Seeing life through a different lens
We caught up with Geography with Archaeology graduate Ahmet Uyar, who reflects on his time as a student at Brighton and how exploring some of our human geography modules in particular encouraged him to see life through a different lense.
The course spoke to my fascination with humans, cultures and history – it was a beautiful amalgamation of society, physical geography, gender roles, global realities and politics.
Previously human geography to me was just real-world phenomena and how that affected real-world people, but this course encouraged me to study geography though a myriad of different contexts, concepts and lenses.
The course taught me to think critically and creatively and gave me to the tools to properly understand our relationship and approach to resource access and distribution, conservation, development pathways, tenure rights, health care and education and women in senior leadership roles. (Particularly how gender subjectivities and colonialist action underpin all of these).
I was encouraged to think in an epistemologically disobedient way, to seek out and study disenfranchised, under-represented and ignored voices and to respect and value these different sources of knowledge. Also to question and critique status quo geographic narratives and structures.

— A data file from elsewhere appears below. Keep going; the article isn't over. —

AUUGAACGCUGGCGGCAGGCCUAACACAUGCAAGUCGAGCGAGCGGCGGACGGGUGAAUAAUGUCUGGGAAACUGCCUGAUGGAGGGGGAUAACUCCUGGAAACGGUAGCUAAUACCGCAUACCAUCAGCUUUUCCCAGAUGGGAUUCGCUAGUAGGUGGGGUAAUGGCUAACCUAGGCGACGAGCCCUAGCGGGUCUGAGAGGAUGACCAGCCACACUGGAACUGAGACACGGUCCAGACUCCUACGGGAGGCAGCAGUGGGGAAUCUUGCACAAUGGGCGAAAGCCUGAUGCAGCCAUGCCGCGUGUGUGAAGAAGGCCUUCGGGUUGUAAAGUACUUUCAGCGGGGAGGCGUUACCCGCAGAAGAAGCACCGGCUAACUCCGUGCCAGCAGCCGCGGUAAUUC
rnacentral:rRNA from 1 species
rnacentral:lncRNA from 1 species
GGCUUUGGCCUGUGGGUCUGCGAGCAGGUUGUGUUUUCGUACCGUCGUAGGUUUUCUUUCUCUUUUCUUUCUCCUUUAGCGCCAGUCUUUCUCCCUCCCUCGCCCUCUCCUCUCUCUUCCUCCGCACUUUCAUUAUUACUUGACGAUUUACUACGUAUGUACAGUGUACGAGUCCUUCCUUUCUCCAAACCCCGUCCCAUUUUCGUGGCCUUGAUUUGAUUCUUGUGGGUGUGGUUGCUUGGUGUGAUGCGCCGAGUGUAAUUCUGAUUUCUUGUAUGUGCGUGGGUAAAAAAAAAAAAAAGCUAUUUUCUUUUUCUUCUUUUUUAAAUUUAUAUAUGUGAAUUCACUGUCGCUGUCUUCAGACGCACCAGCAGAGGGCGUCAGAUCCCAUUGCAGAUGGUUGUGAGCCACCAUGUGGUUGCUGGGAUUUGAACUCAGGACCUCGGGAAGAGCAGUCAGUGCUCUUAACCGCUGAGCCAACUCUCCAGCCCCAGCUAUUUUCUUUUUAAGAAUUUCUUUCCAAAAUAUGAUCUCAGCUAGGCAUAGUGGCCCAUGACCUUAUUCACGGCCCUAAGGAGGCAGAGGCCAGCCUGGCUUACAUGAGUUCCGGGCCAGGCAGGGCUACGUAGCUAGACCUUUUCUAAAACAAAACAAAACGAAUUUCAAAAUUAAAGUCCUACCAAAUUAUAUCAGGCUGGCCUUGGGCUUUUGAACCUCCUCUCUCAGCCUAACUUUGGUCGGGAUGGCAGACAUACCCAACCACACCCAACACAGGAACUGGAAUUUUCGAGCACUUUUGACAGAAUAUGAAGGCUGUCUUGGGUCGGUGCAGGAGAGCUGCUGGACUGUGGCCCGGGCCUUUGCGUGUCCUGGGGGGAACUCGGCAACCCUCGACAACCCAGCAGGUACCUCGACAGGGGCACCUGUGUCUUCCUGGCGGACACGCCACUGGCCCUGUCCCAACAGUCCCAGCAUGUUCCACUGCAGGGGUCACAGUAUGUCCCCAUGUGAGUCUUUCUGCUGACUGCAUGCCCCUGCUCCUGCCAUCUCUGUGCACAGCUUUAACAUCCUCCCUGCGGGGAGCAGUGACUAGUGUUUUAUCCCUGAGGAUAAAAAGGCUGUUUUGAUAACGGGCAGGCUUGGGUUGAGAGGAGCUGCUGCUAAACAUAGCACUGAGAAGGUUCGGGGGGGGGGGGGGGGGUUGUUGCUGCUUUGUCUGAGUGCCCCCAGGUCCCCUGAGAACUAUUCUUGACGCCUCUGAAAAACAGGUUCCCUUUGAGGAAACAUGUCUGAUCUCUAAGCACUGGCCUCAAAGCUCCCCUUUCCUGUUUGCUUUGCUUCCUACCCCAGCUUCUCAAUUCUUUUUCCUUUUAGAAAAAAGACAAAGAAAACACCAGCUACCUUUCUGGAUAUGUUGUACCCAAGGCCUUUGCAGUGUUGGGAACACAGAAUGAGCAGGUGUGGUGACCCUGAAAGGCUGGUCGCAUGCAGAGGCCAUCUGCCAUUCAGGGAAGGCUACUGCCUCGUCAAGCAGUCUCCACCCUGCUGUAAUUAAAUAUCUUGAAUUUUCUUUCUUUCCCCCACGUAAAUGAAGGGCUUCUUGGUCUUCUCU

The value the course placed on ontological pluralism and understanding how indigenous peoples approach the world and environment differs so drastically to ours, encouraged me to think outside the box. I learnt that my relationship with the environment or natural phenomena for example, was completely different to an indigenous woman or man and understanding these ancient cultures and traditions helped me to frame and more appropriately contextualise modern day phenomena such a poverty, gender subjectivities and development.
I really valued that the course created discursive learning environments. The seminars and lectures, starting with ‘space and place’ in the first year, encouraged dialogic learning, discussion and debate producing fascinating third spaces.
Finally, I really enjoyed the situated learning as it took modern day examples of inequalities, violence or subjugation and pushed you to think about our role and responsibility within these greater structures and global chains. It taught us to be global citizens, to place ourselves at the heart of world issues and make a real difference now.